I returned to my classroom, Zippo lighter in hand, and popped some regular air-filled balloons. Then I filled one with water and practically set the thing on the flame, nothing happened! The kids were amazed. They couldn’t believe it. They clapped and cheered and oohed and aahed and I was hooked. These precious little eight year olds actually thanked me… thanked ME for teaching science.

The crazy thing was that it happened again. We made Insta-snow and this time I added a hypothesis. What did they think would happen if we added water to these little flakes? It was literally Christmas in October, more cheers, and more thank yous. The next month we tried science journals… adding procedures, then conclusions, then variables. We grew plants using all manner of things… cola, Tabasco sauce, dad’s multivitamins… and made predictions about what would happen.

I was hooked on how much fun we were having and how excited students were about school. So, when I saw the announcement for the California Science Education Conference I thought three things: 1) I wonder what I could learn, 2) I cannot believe I am even considering this! and 3) Why didn’t I do this before??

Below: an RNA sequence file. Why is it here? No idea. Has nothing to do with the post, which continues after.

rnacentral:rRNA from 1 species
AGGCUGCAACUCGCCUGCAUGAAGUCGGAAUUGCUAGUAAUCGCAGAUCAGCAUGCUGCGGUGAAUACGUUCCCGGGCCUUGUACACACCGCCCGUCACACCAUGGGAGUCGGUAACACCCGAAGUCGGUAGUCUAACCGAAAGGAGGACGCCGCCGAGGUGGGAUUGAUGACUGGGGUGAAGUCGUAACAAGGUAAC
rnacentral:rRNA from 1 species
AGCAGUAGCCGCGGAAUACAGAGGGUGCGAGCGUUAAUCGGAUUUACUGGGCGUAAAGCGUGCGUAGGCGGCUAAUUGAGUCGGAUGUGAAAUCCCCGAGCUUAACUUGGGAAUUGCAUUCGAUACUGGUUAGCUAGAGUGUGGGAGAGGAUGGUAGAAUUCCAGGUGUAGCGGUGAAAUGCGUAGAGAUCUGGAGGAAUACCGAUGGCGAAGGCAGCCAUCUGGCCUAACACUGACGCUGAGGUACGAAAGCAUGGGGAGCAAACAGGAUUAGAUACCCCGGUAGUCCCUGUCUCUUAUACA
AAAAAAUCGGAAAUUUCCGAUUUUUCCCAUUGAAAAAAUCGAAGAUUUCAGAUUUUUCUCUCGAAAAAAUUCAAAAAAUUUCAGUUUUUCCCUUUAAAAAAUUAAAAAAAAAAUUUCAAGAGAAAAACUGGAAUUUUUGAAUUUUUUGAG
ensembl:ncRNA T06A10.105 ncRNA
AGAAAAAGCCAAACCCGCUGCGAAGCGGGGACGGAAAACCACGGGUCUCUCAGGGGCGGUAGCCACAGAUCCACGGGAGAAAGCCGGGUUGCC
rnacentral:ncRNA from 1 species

The California Science Education Conference was just what I needed to keep my enthusiasm going. It was another way for me to connect with others who are also trying to figure out science in our own little classroom worlds. It made me realize that I am not alone! What I loved most, though, was seeing just how many scientists and mentors are out there wanting to help all of us do a great job! All we have to do is take those first few steps. It’s been such a transforming journey, but I now know that I can teach science, and it has most definitely become the highlight of my school day!

Cheryl Romig is a CSTA member. She teaches 3rd grade at Sutter’s Mill Elementary School in the Gold Trail Union School District. 

Written by Guest Contributor

From time to time CSTA receives contributions from guest contributors. The opinions and views expressed by these contributors are not necessarily those of CSTA. By publishing these articles CSTA does not make any endorsements or statements of support of the author or their contribution, either explicit or implicit. All links to outside sources are subject to CSTA’s Disclaimer Policy: http://www.classroomscience.org/disclaimer.